5. COLLABORATION IS POWERFUL!  Share your ideas with others who are also creating ideas.  Your ideas may breed and mesh into something completely different, powerful, and wonderful!  And if you follow rule # 1 and have a SAFE PLACE FOR CREATIVITY, sharing ideas becomes an exciting thing, not a scary thing.  BETWIXT and I practice collaboration through my stories and their songs—we always inspire each other.  And collaboration is one of the most important skills adults can have in ANY workplace.  Teach it at a young age, and never stop reinforcing it.
  6. Review all ideas regularly, and then decide which ones are actually workable.  Pick one of THOSE, and list the first five steps you believe will be required to turn that vision into reality.  THEN, do the work!


There you are—the first part of my notes, typed out for easy reading, and, in some cases, they have been expanded.  The IDEA BOOK is the concept I will go over tomorrow—lots of ideas there for incorporating that into the school day, and a few rules as well.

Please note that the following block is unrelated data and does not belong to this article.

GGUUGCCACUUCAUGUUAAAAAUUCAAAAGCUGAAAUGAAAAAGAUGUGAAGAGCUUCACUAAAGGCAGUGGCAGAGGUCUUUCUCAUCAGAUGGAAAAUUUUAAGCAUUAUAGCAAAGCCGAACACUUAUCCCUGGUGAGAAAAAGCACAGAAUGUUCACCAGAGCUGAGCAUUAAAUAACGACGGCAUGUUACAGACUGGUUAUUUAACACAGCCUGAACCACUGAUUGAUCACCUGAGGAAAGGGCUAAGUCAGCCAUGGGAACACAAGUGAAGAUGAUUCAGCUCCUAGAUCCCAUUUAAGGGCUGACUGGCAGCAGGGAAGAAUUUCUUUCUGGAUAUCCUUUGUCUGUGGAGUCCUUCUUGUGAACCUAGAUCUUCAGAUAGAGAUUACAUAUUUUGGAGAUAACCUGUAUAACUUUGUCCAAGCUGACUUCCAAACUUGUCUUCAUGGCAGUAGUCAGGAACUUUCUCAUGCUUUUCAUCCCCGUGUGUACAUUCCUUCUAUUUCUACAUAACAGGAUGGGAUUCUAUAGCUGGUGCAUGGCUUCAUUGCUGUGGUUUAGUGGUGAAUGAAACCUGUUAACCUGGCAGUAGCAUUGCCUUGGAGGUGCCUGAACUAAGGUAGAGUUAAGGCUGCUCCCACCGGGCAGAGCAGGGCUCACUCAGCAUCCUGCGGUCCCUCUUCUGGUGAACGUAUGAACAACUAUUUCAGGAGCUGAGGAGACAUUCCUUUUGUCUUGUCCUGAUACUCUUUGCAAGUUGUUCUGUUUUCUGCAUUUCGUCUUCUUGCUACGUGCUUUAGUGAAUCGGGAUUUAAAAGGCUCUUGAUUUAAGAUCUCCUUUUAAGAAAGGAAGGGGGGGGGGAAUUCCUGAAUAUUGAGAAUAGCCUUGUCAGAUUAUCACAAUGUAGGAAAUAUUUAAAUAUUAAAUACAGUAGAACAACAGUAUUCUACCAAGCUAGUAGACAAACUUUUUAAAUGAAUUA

Thank you, folks, for reading, and if you attended our presentation today, we would love your feedback!  Remember, we are available to do presentations in schools for children and educators.  For more information, please get to me at my email:  Have a great day, and more to come!





Tracy Lovett is an artist, author, illustrator, photographer, wife, mom, and all around creative gal trying to spread the message that creativity is one of our most important qualities.  She uses her books, photographs, and writings to encourage others to just take the chance and be creative. This BLOG is about her creative journey into all her creative endeavors, including writing for children and adults, art and illustration, photography and photo-illustration, and book-building from beginning to end.  There may be other “sidetrips” that can’t be predicted–so hop in and enjoy the ride!  You may learn more about Tracy here.  You may follow her on Facebook here.